At University of Missouri Health Care, we offer multiple types of on-demand care to help you when you need it most.
When you have an issue like a broken bone or a severe cough, you should choose the right level of care for your condition. Choosing the correct care can save you time and money and get you on the path toward better health in a convenient, effective way.
Please read the information below to learn about all of the options. If you're still unsure which level of care is right for you, check out our Symptom Checker.
Looking for a faster, easier way to see a health care provider? With video visits, you can see one anytime from your smartphone, tablet or computer. It is easy to use, private, and secure. It’s free to enroll, and visits cost $59.
Video visits are great for when your primary care provider’s office is closed, you’re too busy to see someone in person or even when you’re traveling.
What can providers treat with video visits?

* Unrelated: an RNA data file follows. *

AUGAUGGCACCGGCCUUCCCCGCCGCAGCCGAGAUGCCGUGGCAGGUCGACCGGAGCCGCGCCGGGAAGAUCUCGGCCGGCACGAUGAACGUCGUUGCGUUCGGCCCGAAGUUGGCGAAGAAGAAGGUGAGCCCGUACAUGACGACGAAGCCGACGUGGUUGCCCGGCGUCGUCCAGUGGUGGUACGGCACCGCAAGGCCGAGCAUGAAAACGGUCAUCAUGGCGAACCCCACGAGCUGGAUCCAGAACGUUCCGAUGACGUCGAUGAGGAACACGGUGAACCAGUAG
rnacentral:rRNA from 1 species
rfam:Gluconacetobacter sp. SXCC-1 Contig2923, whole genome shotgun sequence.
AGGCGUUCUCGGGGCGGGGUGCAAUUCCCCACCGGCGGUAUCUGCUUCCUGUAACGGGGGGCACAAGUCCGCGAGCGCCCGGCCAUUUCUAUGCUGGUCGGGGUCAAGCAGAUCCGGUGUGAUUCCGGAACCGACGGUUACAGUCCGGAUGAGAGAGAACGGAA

- Sore throat
- Abdominal pain
- Sinus infection
- Pink eye
- Ear infection
Mizzou Urgent Care treats immediate, but not life-threatening health care issues in people of all ages. It is available at our clinic or via video visits.
Experienced physicians at these locations commonly treat:
- Joint or muscle injuries
- Cuts and burns
- Minor head injuries
- Rashes and skin infections
- Animal bites
- Diarrhea, nausea and vomiting
- Non-severe bleeding
- Sexually transmitted infections
- Work-related injuries
- Flu and cough
- Sinus infections
- Sore throat
- Urinary tract infections
- Eye concerns
You can receive imaging and lab services at these locations, as well as breathing treatments.
MU Health Care's emergency departments care for severe and life-threatening conditions. Our specially trained emergency medicine doctors treat:
- Chest pain or suspected heart attack
- Potential stroke symptoms (e.g. blurred vision or slurred speech)
- Complex or multiple medical complaints (e.g. chest pain and shortness of breath)
- Diabetic emergencies
- Serious broken bones (such as leg or arm)
- Severe or worsening abdominal pain
- Uncontrolled nausea or vomiting
- Difficulty breathing
- Uncontrolled bleeding
- Loss of consciousness
- Drug overdose
- Possible poisoning
- Head injury or severe headaches
The emergency departments are open 24 hours a day, 365 days a year. You should always call 9-1-1 in case of an emergency. Adults should seek care at University Hospital ER, and children should seek care at Women's and Children's Hospital ER.